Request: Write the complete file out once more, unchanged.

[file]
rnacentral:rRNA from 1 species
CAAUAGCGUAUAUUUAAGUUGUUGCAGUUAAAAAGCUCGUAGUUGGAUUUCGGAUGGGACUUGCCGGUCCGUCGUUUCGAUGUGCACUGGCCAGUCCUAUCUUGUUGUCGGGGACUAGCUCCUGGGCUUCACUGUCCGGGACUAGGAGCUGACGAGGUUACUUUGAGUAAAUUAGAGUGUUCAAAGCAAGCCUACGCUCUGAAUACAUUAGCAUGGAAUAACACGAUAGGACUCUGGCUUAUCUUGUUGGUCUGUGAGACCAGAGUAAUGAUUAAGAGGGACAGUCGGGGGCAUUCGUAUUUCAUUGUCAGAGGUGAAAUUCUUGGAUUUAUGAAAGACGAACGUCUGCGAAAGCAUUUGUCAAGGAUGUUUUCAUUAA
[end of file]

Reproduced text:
rnacentral:rRNA from 1 species
CAAUAGCGUAUAUUUAAGUUGUUGCAGUUAAAAAGCUCGUAGUUGGAUUUCGGAUGGGACUUGCCGGUCCGUCGUUUCGAUGUGCACUGGCCAGUCCUAUCUUGUUGUCGGGGACUAGCUCCUGGGCUUCACUGUCCGGGACUAGGAGCUGACGAGGUUACUUUGAGUAAAUUAGAGUGUUCAAAGCAAGCCUACGCUCUGAAUACAUUAGCAUGGAAUAACACGAUAGGACUCUGGCUUAUCUUGUUGGUCUGUGAGACCAGAGUAAUGAUUAAGAGGGACAGUCGGGGGCAUUCGUAUUUCAUUGUCAGAGGUGAAAUUCUUGGAUUUAUGAAAGACGAACGUCUGCGAAAGCAUUUGUCAAGGAUGUUUUCAUUAA